Within the cervical spine, there are 7 spinal vertebrae with nerves extending outward and each vertebra is cushioned by spinal discs. Cervical myelopathy occurs when the spinal cord itself is compressed by a spinal disc or a piece of bone in the spine.

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    Kyphosis

    The natural curvature of the spine, known as lordosis, is important for stability and balance. When one area of the spine becomes too curved it can create a visible “hunch” in the spine as well as other symptoms and is known as kyphosis. Typically, kyphosis causes no other symptoms other than a visible hunch and requires only monitoring by your OSS Health Spine Specialist. However, if kyphosis progresses it can cause several painful symptoms.

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    Facet Joint Syndrome

    The facet joints are the two bony attachments at the back of each vertebrae in the spine that allow for mobility and flexibility of the spine. Like many joints within the body, the facet joints are susceptible to degenerative changes due to arthritis. When arthritis affects the facet joints, the joints lose cartilage and can cause inflammation, thickening of the joints, pain and the formation of small bone spurs. This inflammation can cause pressure on the nerves that exit the spine, which is known as Facet Joint Syndrome.

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    Spondylosis

    Spondylosis, which is often referred to as spine osteoarthritis or spine arthritis, is a common spine condition, especially in the older population. Spondylosis is a condition that causes inflammation of the bones and soft tissues of the spine, which results in pain and decreased function of the spine. As the condition progresses, more inflammation occurs and it becomes more difficult to move the spine.

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    Spondylolisthesis

    Spondylolisthesis is a condition characterized by a misalignment of the vertebrae and is usually the result of a severely weakened vertebra due to a stress fracture. This fracture causes the vertebrae to weaken and shift from its normal anatomic position. The condition is common among young athletes that compete in high impact sports such as gymnastics, football and hockey. Athletes who participate in sports that require lots of twisting, turning, bending, and jumping are most at risk.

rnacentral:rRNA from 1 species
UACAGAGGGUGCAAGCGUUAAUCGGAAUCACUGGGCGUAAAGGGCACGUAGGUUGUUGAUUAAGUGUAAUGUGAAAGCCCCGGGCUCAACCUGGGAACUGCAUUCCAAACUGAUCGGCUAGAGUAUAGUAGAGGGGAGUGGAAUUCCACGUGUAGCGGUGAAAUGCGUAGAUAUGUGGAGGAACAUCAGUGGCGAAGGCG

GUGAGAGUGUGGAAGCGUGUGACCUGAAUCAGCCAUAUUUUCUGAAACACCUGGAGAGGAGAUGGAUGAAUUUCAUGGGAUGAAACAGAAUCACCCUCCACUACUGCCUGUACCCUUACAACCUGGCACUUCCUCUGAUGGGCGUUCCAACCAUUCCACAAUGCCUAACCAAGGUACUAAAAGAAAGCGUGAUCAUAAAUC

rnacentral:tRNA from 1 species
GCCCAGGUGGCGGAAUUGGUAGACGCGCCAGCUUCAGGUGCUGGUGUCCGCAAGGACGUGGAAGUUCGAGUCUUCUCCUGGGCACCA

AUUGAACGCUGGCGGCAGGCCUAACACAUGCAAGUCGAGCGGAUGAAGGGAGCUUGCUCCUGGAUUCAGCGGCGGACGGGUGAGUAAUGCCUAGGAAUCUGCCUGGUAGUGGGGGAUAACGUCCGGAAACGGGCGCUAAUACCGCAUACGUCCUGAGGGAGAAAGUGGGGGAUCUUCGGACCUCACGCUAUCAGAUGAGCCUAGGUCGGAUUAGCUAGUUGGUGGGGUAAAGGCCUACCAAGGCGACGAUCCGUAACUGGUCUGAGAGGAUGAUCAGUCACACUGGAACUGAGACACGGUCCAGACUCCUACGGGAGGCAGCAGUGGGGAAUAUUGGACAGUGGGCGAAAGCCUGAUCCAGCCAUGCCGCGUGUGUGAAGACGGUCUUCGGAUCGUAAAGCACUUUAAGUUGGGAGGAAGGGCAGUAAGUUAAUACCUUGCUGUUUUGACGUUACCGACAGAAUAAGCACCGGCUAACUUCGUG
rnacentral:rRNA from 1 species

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    Spine Treatments

    Minimally Invasive Spine Surgery

    Minimally Invasive Spine Surgery uses small incisions (about 1-2 inches) to access damaged spinal discs or vertebrae without the need for large amounts of muscle dissection or trauma to the structures surrounding the spine. Once the incisions are made, real-time X-ray (known as fluoroscopy) and small surgical instruments are used to repair damaged spinal discs or vertebrae as well as decompress spinal nerves.

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    Minimally Invasive Spinal Fusion

    Open incision spinal fusion procedures have been performed for many years; however recent advancements in spine surgery at OSS Health have allowed our Board Certified Spine Surgeons to perform spinal fusion procedures in a minimally invasive manner. With this technique, a smaller incision is used, less surgical trauma is caused and recovery is much quicker.

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    Minimally Invasive Cervical Fusion
    A Minimally Invasive Cervical Fusion is also commonly referred to as an ACDF and is used to treat chronic pain, nerve compression and/or instability that originates in the cervical spine. This procedure is typically recommended when cervical spine conditions do not respond to conservative treatment options.

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    Minimally Invasive Laminectomy

    A Minimally Invasive Laminectomy (also known as a Spinal Decompression) is a procedure used to relieve the pain from a pinched nerve in the spine or Spinal Stenosis. This is done by removing part of the spinal vertebrae, known as the lamina, so that the spinal nerve can be decompressed and pain can be relieved.

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    Minimally Invasive Discectomy